Home » Tag Archives: Cotton Quality and Yields (page 12)

Cotton Quality and Yields

Surprisingly Good Harvest Overall

ARKANSAS The National Agricultural Statistics Service October Crop Production report kept the yield estimate for Arkansas cotton at 1,218 lbs lint/A. Last month, I felt this estimate was too high for a number of reasons. However, as our harvest is nearing completion, it is becoming obvious that a little BBQ sauce may be needed for my crow. We have experienced ... Read More »

Emphasis On Yield, Quality And Irrigation Response

Ken Legé PhytoGen Cotton Development Specialist Lubbock, Texas   Prior to joining PhytoGen, I had noticed that the germplasm coming out of PhytoGen’s robust West Texas breeding program that will serve the entire Southwest was producing high, consistent yields and was well suited to that area. In addition, the PhytoGen® brand varieties were exhibiting storm tolerance and tolerance to Verticillium, ... Read More »

Can Technology Help In War Against Pigweed?

Has this been an unusual year for cotton producers in many parts of the Belt? Most would agree with that assessment. First, there is the frustrating cotton price that has stayed in the 60-cent range for months. Then came the floods in Texas and the Mid- South and dry conditions in the Southeast and West. One theme, however, remained consistent – the need for an effective strategy that could deal with weed resistance, namely pigweed. While most producers understand the concept of “starting clean and staying clean,” technology is assisting in the quest to reduce production costs even more. You’d be hard pressed to find a more forward-thinking farmer than Jason Luckey of Humboldt, Tenn., in the western part of the state. He, father Rege, brother Ken and nephew Zac have consistently adhered to a diversified crop mix involving cotton, corn, soybeans and wheat. They rarely increase acreage for any one crop and have succeeded in their dryland operation by staying with this philosophy. Read More »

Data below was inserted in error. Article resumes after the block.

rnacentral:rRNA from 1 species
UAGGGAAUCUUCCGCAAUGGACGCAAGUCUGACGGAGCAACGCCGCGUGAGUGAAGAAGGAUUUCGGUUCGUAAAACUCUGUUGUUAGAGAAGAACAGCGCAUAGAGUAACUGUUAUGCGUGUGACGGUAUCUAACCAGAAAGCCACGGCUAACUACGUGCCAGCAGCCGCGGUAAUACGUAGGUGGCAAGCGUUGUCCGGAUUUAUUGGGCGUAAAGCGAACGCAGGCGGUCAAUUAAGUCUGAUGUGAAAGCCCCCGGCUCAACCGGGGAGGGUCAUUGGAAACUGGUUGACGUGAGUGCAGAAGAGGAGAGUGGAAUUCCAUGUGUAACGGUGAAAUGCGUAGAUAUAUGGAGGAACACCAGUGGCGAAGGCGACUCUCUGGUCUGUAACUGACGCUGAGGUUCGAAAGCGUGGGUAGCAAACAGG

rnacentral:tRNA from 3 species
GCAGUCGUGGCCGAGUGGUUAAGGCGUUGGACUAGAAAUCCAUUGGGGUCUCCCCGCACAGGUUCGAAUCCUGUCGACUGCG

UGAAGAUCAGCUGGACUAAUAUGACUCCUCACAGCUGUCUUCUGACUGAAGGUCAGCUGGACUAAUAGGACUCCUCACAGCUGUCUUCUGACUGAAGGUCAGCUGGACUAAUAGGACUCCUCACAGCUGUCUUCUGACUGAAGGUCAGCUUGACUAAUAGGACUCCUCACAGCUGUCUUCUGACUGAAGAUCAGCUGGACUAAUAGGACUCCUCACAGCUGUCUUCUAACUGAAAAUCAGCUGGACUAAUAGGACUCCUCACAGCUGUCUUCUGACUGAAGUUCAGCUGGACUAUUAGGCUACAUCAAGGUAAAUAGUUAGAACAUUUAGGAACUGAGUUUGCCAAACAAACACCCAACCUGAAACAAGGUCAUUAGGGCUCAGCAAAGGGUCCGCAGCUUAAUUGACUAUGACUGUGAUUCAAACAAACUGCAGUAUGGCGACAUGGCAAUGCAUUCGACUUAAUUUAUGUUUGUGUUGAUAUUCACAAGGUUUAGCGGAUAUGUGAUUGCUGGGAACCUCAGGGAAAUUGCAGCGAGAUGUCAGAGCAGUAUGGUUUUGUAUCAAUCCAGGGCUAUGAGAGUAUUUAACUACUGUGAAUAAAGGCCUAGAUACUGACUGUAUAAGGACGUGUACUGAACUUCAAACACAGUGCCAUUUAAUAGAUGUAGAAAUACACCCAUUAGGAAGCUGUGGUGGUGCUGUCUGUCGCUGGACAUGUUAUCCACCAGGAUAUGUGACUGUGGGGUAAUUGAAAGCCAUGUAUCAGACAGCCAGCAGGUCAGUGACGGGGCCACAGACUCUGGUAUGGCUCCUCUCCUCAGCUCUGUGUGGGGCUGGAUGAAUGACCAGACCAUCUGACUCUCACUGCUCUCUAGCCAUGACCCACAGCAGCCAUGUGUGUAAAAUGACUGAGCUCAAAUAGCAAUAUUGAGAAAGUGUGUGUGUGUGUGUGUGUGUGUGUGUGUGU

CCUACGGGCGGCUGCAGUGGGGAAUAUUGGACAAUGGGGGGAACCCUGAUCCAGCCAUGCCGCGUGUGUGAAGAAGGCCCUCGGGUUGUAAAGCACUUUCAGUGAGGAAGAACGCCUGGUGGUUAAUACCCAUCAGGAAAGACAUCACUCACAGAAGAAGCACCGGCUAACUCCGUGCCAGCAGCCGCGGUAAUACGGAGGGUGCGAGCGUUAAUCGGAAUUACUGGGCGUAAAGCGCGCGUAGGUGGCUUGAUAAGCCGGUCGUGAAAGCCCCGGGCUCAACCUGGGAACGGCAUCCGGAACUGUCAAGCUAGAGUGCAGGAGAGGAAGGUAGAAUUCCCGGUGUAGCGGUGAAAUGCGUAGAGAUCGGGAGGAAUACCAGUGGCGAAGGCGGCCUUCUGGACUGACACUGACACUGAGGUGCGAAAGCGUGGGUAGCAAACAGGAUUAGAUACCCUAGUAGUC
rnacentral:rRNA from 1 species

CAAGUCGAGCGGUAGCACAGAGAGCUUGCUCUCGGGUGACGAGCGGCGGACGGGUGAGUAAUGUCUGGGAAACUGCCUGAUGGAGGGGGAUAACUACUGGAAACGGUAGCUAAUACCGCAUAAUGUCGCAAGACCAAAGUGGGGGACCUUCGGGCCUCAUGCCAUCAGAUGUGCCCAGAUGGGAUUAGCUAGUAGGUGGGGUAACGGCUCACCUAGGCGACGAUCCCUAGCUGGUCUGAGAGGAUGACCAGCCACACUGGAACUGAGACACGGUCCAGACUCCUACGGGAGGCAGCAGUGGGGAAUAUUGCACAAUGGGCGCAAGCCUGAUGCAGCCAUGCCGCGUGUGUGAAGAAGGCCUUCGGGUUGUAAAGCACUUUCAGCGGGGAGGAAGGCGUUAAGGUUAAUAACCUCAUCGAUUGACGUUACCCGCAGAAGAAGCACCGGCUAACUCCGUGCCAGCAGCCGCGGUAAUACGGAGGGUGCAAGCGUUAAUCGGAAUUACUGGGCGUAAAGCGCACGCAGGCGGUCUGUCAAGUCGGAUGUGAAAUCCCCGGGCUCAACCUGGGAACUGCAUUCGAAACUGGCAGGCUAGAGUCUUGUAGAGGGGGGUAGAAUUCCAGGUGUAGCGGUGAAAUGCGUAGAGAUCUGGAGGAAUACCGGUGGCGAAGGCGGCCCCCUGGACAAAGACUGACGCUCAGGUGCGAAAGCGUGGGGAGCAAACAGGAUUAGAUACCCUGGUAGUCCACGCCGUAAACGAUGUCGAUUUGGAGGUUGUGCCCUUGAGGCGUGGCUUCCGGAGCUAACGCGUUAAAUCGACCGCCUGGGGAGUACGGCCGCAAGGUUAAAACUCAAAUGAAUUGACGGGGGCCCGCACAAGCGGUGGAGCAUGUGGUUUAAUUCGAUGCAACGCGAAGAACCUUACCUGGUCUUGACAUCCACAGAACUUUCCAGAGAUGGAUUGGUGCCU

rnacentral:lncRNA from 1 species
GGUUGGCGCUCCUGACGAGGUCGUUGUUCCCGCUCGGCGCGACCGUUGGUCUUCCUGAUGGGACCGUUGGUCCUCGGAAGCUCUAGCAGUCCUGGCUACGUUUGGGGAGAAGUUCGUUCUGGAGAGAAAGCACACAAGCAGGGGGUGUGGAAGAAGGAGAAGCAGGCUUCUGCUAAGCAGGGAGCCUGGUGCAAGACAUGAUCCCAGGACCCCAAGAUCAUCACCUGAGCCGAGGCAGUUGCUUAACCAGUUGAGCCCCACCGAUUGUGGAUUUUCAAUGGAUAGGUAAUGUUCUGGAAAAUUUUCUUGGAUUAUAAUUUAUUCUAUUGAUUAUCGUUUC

How Far Can Technology Take Ag?

Drones used in agriculture

BY GLEN HARRIS TIFTON, GA. The fertilizer spreader truck rolls across the field spitting out a custom blend of N-P-K, secondary and micronutrients based on grid soil sampling, followed later by the sidedress rig equipped with sensors to measure plant height and greenness and apply the exact amount of additional N (and other nutrients that may be needed). Just before ... Read More »

GMOs to Receive Big Boost

A new Farm Bureau advocacy website is giving farmers and ranchers a simple way to “Get a Move On” for GMOs. Launched recently, GetaMoveOn.fb.org allows producers to support a national, science-based labeling standard similar to the approach taken in the Safe and Accurate Food Labeling Act (H.R. 1599). “This website has a very specific function: To motivate farmers and ranchers to take action in support of important innovation in agriculture,” says Andrew Walmsley, American Farm Bureau Federation biotechnology specialist. “Whether you grow corn and soybeans in the Midwest, cotton in the South, dairy and potatoes in the Northeast or apples in the West, access to crop traits that resist pests, diseases Read More »

Aflatoxin Can Affect Cotton Profitability

The deflating effects of aflatoxin on cottonseed prices in the West continue to affect producers along the Colorado River and Central Arizona. Hundred-dollar spreads between clean and unclean seed are not uncommon in a region where seed prices consistently rise above those in the rest of the Cotton Belt. These days, even though cottonseed plays a larger role in the economic mix of the cotton crop, aflatoxin seemingly draws less attention with producers than it does with those who market the cottonseed for them. Read More »